Finance’s Grassley backs Trump on NAFTA, but not on tariffs
New Senate Finance Committee chairman reaffirms support for cheaper drugs from Canada

Sen. Charles E. Grassley, R-Iowa, wants President Donald Trump to take a hard line with Democrats if they push to renegotiate a proposed trade pact to replace NAFTA. (Tom Williams/CQ Roll Call file photo)

The new chairman of the Senate Finance Committee said he would advise President Donald Trump to take a hard line with congressional Democrats if they push to renegotiate the proposed trade pact that would replace the 1994 North American Free Trade Agreement.

Chairman Charles E. Grassley of Iowa has told reporters  that he would encourage Trump to begin a formal withdrawal from NAFTA if Democrats insist on renegotiating the pact’s replacement — the proposed United States-Mexico-Canada Agreement, or USMCA.

Lindsey Graham: Trump attorney general pick will let Mueller finish Russia probe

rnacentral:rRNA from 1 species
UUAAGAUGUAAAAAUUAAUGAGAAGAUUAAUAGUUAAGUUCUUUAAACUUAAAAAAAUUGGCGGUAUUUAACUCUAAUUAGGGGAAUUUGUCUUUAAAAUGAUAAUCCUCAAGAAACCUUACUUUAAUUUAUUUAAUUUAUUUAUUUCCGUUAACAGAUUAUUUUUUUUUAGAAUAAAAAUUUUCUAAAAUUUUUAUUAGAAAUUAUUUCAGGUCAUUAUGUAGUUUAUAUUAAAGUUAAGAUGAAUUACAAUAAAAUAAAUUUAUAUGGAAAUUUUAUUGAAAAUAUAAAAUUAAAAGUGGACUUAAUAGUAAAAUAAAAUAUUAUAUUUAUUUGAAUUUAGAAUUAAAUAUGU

William P. Barr makes the rounds meeting with key senators on Wednesday

William P. Barr, left, nominee for attorney general, met with incoming Senate Judiciary Chairman Lindsey Graham, R-S.C., on Wednesday. (Tom Williams/CQ Roll Call)

The incoming chairman of the Senate Judiciary Committee is confident President Donald Trump’s nominee to be attorney general is committed to letting the special counsel probe led by Robert S. Mueller III run its course.

William P. Barr, who previously served as attorney general during the presidency of George H.W. Bush, made the rounds Wednesday on Capitol Hill, where his meetings included visits to the outgoing and incoming chairmen of the Judiciary Committee.